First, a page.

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Fact Check Your Feed, Climate And Fungi, Cells Solve A Maze. September 4, 2020, Part 2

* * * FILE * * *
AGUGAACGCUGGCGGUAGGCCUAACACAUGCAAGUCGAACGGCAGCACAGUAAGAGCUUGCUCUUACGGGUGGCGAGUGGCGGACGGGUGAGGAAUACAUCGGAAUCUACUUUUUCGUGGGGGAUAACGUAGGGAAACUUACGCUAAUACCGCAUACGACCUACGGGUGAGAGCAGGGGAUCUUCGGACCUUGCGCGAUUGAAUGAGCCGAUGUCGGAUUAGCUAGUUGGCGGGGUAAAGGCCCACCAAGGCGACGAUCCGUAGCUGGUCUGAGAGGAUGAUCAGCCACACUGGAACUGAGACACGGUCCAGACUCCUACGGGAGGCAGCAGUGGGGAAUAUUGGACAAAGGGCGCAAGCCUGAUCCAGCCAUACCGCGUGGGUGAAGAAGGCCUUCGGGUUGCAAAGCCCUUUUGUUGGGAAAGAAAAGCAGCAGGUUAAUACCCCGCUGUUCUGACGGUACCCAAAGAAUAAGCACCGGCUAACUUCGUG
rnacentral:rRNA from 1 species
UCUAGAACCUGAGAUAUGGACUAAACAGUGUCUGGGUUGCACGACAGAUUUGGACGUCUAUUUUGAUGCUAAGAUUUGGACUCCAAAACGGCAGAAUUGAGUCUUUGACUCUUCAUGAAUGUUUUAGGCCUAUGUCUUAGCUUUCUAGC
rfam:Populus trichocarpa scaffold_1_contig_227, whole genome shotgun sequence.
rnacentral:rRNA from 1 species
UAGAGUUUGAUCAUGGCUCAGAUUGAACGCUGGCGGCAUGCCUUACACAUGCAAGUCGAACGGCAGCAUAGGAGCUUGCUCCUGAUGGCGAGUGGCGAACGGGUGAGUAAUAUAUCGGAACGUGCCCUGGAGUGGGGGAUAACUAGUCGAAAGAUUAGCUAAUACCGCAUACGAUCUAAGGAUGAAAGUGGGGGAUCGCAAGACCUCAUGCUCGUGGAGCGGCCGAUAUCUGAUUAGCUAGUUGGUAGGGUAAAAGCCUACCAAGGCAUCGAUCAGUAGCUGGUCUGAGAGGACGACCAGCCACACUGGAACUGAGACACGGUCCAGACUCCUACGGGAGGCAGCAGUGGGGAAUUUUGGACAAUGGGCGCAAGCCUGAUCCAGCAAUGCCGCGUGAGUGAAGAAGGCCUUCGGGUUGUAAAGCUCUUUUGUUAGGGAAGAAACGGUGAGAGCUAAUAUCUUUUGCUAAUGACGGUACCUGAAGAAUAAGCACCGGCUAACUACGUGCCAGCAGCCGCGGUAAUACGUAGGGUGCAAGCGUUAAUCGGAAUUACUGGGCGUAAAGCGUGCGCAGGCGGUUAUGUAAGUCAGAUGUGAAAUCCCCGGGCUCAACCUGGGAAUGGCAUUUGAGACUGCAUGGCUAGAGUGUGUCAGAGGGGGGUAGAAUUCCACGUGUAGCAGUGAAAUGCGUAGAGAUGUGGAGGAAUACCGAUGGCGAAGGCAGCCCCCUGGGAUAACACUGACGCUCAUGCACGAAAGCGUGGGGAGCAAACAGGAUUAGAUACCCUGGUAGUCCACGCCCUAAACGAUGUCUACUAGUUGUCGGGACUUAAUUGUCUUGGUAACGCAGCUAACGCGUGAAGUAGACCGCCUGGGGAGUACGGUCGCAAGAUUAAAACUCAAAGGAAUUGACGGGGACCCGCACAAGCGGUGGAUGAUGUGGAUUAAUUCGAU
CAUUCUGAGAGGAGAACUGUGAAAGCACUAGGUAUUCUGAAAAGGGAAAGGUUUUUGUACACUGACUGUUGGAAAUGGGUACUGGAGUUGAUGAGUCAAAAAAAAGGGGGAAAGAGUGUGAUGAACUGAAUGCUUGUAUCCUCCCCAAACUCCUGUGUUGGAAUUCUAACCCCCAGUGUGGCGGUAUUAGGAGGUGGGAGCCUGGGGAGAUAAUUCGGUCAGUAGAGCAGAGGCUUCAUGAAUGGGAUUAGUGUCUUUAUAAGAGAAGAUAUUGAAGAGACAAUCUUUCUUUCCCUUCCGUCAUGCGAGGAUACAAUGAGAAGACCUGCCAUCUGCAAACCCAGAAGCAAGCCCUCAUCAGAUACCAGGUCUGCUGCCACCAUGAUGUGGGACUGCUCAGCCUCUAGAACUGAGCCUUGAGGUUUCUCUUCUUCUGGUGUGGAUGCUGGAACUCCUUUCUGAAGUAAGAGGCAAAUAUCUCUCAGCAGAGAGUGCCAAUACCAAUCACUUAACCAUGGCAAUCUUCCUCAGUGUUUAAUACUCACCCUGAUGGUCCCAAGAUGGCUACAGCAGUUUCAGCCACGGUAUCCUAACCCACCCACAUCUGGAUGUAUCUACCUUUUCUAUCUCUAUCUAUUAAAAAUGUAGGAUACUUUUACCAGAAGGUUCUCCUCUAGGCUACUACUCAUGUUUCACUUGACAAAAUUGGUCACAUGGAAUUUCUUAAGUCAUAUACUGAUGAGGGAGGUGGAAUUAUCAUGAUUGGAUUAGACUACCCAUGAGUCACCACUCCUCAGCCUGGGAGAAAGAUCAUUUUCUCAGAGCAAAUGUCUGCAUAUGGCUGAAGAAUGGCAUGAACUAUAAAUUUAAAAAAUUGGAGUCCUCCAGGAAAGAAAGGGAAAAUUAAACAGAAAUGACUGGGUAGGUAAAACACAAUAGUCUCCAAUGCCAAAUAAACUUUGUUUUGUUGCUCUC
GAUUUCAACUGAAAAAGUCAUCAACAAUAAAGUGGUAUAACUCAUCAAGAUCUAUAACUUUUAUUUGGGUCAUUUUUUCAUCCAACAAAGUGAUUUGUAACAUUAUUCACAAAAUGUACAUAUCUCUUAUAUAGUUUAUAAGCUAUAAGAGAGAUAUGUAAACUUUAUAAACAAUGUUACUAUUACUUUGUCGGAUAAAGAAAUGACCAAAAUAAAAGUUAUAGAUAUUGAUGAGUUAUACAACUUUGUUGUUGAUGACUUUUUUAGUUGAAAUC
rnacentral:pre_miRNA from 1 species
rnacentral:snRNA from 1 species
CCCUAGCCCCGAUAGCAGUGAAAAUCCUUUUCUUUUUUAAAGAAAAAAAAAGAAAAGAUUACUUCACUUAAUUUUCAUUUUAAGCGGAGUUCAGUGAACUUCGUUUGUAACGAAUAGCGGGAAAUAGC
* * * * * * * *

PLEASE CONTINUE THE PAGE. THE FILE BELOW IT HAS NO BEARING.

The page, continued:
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Can Fungus Survive Climate Change? One of the most extensive global networks for sharing information and moving around essential nutrients is hidden from us—but it’s right below our feet.  Networks of fungi often connect trees and plants to one another. But scientists are just starting to untangle what these fungal connections look like, and how important they are. Mycologist Christopher Fernandez explains how these fungal systems might be affected by climate change—and what that means for the entire forest ecosystem. A Cellular Race Through A Maze Cells are the basic building blocks of life. Our bodies are made up of trillions and trillions of them, and they all serve a specific purpose. But these tiny workers don’t always stay in the same place. Many move around the body—whether they’re creating a developing embryo, helping the immune system, or, distressingly, spreading cancer.   A team of scientists in the UK recently set up an experiment to learn more about how cells move. They put dirt-dwelling amoebas and mouse cancer cells at the start of a maze, to see how well each would migrate.  While amoebas proved speedier than their cancerous counterparts, Luke Tweedy, a postdoctoral researcher at the Beatson Institute for Cancer Research in Glasgow, Scotland, says the cancer cells were surprisingly mobile.  Tweedy joins Ira to talk about what his team learned about cancer cell movement, and explains why recreating a famous English hedge maze proved to be a little too difficult for his cellular subjects.  Fact Check Your Feed: Are Kids Really COVID-19 ‘Super Spreaders’? Late last month, as parents and teachers were gearing up for an unusual and stressful start to the school year, conflicting media reports of coronavirus transmission among children started populating our news feeds. One headline proclaimed, “New study suggests children may be COVID-19 ‘super spreaders,’” while other articles cited researchers saying the opposite. But the disagreement didn’t stop there. Some outlets reported that very few preschoolers are catching the coronavirus, while others cited a study that suggests children younger than 5 may harbor up to 100 times as much of the virus as adults. Angela Rasmussen, associate professor in the Columbia University Mailman School of Public Health, joins Ira to talk about the data behind these stories in a round of Fact Check Your Feed. She also explains new testing guidelines issued by the CDC, and a misleading report on the coronavirus death rate. 

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